The tracks that really succeed here are when Toliver finds the balance between his unorthodox vocal approach and the ear for a smash hit melody that he clearly possesses. “Had Enough,” which previously appeared on the JACKBOYS collaborative tape between all the members of Scott’s label, curiously appears in the middle of the album rather than as a bonus track, but it once again stands out as one of the better tracks in this collection, Toliver sounding seriously soulful over the Beyonce-sampling beat as two of the Migos show up to do their thing. The back-to-back tracks “Wasted” and “Can’t Feel My Legs” are where Toliver finds his stride in the early goings of the album. Toliver serves as his own backing vocalist on the former on an intoxicating call-and-response hook that finally switches things up over some rumbling bass notes, while previously released single “Can’t Feel My Legs” sees Toliver make the most out of a relatively complex trap beat, making the most impactful notes of his melodic hook hit at just the right points, the video game synths coming in for the second verse to fill out the woozy instrumental world even more.
The sonic decisions only get all the more inexplicable from there. The track “Candy” sounds so promising as it opens sounding like The Weeknd’s new trippy synthpop cuts, but its underwritten nature causes it all to fall apart quickly, the instrumental far too varied for what Toliver brings to the table here, which isn’t much more than an underwhelming repeated hook and verses with some of the worst singing across the whole project, letting his vocals fall off the melody at the end of each line and not quite lining up with the subtleties of the beat behind him in a couple moments. The guitar solo in “Candy” previews an even messier track in a similar style on the next track “Company,” Toliver dropping the most standard of trap flows and lyrics over an instrumental that honestly resembles the synth-laden insanity of the soundtrack from the movie Annihilation – it sounds like someone mistakenly put a vocal take from the wrong song on top of this instrumental, absolutely nothing lining up and making for a truly stressful listening experience until the final segment when everything finally clicks too late. The similarly improvisatory Sheck Wes doesn’t do much to improve the track “Spaceship,” while the appeal of the grating falsetto on the seriously bland TikTok smash hit “No Idea” continues to evade me.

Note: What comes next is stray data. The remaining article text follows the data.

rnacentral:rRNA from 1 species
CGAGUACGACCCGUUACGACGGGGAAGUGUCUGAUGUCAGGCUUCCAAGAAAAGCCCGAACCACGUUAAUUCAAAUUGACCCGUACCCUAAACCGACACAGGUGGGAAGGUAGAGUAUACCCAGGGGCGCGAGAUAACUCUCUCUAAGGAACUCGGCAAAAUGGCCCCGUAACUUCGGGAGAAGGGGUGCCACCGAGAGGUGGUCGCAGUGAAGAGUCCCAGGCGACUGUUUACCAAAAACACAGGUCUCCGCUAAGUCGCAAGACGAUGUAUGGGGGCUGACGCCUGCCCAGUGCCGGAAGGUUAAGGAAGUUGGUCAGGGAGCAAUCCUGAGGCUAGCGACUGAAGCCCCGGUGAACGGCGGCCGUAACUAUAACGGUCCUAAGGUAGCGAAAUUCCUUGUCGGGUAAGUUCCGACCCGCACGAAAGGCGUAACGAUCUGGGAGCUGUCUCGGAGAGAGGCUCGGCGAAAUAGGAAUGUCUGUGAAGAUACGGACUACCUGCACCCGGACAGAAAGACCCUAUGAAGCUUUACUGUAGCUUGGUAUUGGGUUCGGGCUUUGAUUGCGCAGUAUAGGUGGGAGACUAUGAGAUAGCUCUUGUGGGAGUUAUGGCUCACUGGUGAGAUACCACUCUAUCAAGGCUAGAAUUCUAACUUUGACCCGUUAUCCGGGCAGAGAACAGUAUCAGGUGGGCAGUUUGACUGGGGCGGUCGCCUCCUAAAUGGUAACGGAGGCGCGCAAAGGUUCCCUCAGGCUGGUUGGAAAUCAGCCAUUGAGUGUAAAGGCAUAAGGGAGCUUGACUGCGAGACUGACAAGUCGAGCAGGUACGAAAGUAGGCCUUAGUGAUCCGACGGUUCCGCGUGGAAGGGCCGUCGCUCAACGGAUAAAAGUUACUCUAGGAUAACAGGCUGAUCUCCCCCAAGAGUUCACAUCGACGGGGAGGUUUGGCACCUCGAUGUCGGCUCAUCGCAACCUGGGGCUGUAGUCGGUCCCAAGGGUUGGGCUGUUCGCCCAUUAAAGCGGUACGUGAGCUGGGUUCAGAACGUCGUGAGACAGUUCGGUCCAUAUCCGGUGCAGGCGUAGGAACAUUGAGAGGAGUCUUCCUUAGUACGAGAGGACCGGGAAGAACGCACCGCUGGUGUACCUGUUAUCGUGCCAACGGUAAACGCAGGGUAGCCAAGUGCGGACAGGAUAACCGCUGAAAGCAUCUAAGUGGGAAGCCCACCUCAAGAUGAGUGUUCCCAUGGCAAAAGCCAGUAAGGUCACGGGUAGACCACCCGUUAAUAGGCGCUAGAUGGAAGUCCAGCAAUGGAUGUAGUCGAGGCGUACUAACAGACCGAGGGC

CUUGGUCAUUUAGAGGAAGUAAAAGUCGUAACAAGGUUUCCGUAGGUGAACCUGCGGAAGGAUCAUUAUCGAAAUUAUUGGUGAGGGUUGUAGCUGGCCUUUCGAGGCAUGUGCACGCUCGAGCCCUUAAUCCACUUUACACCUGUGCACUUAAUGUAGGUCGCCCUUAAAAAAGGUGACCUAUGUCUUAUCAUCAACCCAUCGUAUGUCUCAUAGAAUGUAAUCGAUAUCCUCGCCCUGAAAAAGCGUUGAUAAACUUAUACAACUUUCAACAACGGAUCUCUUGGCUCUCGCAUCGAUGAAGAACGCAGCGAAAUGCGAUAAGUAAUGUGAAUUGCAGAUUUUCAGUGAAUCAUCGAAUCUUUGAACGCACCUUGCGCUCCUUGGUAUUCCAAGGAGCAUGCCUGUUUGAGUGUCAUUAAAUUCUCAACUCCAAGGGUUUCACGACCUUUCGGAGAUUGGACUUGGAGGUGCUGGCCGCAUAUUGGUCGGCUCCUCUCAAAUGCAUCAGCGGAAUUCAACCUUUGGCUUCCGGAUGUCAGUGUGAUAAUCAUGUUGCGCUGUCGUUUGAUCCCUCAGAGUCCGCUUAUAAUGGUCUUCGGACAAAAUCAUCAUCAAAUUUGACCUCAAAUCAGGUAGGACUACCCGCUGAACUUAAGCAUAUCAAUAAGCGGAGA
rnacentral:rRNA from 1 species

Toliver has most of the tools he needs to become a serious force in the industry, but at the moment he, like quite a few young artists at the moment, seems to be stuck in the shadow of his mentor. Toliver’s natural voice is one of the most exciting new developments in hip-hop music, and eventually he’ll learn how to get the most out of it.
Favourite Tracks: Can’t Feel My Legs, Had Enough, Wasted
Least Favourite Track: Company